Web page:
The Ministry of Health would like to acknowledge and thank the LHIN executive leadership for their ongoing professionalism, dedication and excellence as work to modernize the health care system continues.

Map of Ontario Health Interim and Transitional Regions

Legislative and Regulatory Changes

The Ministry of Health is making several legislative and regulatory changes that support Ontario’s work to modernize the health care system and ensure services remain uninterrupted during this transformational period.
 
A topline summary is provided below. Further details will be made available shortly on the Ontario eLaws website.

Supporting Transition into Ontario Health

The Ministry is proclaiming into force select consequential legislative changes as part of The People’s Health Care Act, 2019 to the Excellent Care for All Act, 2010 and is making regulatory amendments to various regulations made under the Personal Health Information and Protection Act, 2004, Excellent Care for All Act, 2010, and the Connecting Care Act, 2019 to ensure that the work of the agencies being transferred can continue without interruption under Ontario Health. This includes ensuring that the privacy of a patient’s personal health information remains protected during and after transition.

Paving the way for digital health

The Ministry is making a regulatory amendment under the Home Care and Community Services Act, 1994 to clarify that virtual care can be delivered in home and community care settings. This will help pave the way for the continued expansion of virtual care access across the province.

Building a cohesive approach to lung health

As part of a mandate to reduce silos and provide a single, integrated source of clinical guidance for the health care sector in Ontario through Ontario Health, it is expected that the work related to lung health would continue as is through various programs within the Ministry of Health until it is determined how chronic disease would be approached by Ontario Health.The Lung Health Act, 2017 is consequently being repealed.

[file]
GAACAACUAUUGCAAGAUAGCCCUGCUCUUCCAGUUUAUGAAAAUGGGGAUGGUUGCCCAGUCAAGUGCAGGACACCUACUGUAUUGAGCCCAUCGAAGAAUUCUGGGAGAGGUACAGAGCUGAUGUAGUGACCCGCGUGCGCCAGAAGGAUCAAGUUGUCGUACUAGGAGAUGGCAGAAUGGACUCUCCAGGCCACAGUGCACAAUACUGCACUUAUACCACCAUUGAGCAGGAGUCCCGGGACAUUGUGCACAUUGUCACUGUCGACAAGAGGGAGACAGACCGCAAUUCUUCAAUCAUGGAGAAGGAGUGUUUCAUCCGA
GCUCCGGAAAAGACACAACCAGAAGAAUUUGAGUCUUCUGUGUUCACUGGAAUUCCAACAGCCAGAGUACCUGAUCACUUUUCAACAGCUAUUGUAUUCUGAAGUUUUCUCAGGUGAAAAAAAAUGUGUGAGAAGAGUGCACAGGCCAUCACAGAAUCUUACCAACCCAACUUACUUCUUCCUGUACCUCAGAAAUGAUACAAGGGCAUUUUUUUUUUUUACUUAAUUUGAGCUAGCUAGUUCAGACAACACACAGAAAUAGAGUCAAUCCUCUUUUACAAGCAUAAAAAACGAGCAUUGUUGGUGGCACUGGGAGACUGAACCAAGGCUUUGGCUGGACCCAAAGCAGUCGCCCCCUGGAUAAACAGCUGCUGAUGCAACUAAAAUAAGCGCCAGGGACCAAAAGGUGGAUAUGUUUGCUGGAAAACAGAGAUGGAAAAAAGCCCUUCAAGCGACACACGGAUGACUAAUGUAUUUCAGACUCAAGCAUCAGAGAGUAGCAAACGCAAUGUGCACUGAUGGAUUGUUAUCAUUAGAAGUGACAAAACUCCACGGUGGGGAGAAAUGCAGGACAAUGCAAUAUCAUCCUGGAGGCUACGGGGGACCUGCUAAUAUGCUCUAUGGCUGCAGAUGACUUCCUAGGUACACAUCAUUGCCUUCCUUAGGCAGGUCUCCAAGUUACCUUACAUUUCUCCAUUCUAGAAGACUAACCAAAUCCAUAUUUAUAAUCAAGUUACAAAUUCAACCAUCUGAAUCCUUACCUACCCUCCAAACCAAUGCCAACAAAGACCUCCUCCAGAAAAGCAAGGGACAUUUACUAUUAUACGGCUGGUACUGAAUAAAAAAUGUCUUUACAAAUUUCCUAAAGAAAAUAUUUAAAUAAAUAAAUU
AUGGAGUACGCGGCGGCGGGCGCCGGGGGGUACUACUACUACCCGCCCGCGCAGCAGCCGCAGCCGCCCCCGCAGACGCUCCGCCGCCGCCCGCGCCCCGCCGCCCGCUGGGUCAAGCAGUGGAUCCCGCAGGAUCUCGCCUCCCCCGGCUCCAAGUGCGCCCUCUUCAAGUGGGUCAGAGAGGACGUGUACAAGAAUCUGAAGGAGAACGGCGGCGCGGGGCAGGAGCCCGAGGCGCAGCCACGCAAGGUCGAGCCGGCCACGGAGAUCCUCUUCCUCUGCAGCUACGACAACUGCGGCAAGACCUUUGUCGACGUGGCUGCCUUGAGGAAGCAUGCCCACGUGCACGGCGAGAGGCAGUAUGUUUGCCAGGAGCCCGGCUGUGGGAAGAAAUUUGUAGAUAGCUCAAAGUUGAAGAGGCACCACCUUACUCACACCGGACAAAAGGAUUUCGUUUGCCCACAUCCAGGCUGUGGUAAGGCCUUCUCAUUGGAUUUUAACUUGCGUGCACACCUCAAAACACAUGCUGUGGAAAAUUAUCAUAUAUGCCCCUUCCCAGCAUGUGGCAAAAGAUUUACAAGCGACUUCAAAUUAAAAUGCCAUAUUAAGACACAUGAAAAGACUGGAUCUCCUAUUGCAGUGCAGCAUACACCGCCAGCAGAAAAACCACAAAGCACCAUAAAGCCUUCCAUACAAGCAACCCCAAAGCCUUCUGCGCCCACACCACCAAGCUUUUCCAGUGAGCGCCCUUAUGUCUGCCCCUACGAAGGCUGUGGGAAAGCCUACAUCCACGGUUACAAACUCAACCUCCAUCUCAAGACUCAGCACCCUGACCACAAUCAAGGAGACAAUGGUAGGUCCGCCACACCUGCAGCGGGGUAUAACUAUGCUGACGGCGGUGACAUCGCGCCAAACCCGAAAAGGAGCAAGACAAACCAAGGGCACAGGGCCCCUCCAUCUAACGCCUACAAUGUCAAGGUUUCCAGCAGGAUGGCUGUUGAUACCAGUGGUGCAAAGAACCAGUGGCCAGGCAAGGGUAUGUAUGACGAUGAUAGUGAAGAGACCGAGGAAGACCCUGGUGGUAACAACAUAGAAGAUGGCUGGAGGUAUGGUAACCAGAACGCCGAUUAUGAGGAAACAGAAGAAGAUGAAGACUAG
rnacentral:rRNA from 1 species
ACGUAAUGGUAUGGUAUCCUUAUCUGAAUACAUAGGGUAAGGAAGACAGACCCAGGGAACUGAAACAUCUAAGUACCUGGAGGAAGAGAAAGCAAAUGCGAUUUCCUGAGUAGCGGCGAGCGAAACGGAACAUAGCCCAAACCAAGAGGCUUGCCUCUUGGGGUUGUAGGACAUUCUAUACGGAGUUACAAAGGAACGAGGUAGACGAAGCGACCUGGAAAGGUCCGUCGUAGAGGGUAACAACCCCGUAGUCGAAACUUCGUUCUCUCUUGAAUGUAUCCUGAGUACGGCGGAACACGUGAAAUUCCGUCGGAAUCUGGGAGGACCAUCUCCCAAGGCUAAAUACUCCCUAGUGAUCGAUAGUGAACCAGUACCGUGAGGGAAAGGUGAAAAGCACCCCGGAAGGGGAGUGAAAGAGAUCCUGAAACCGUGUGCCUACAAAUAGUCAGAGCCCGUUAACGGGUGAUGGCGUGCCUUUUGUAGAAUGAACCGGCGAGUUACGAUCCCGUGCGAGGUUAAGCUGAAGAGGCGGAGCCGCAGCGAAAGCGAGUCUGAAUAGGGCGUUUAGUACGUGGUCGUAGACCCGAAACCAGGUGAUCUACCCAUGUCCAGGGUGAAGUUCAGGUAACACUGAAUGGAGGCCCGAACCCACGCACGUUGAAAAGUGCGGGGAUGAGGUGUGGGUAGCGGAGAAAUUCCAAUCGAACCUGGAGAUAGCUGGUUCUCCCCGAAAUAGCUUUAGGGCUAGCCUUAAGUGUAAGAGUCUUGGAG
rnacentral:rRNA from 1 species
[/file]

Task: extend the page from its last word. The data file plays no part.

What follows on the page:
Through the Ministry of Health’s Smoke Free Ontario strategy, the Ministry of Health will also continue to invest in programs and services that promote lung health and prevent lung disease. Examples include funding community partners to deliver comprehensive smoking cessation services that help people quit smoking and vaping, and funding initiatives led by Public Health Units that prevent people, especially youth and young adults, from becoming addicted to nicotine. The Ministry also enforces the Smoke-Free Ontario Act, 2017, which creates smoke and vape-free spaces and restricts the display and promotion of tobacco and vapour products.

Engaging Indigenous and Francophone communities

Ontario is committed to engaging Indigenous and Francophone communities in our work to build a connected health care system that improves the patient and caregiver experience and strengthens local services.
 
The Minister is proclaiming into force amendments to the Ministry of Health and Long-Term Care Act,  to allow for the establishment of one or more Indigenous health councils that will advise the Minister about health and service delivery issues related to Indigenous peoples.
 
The Ministry is also proclaiming into force consequential amendments to the Ministry of Health and Long-Term Care Act, and the Local Health System Integration Act, 2006 to permit the Minister to similarly establish a French language health services advisory council to advise the Minister about health and service delivery issues related to Francophone communities.
 
Establishing these new advisory councils and adding greater flexibility in how members are appointed will ensure further opportunities for the diversity of voices across Indigenous and Francophone communities to inform the government’s ongoing work on health system modernization.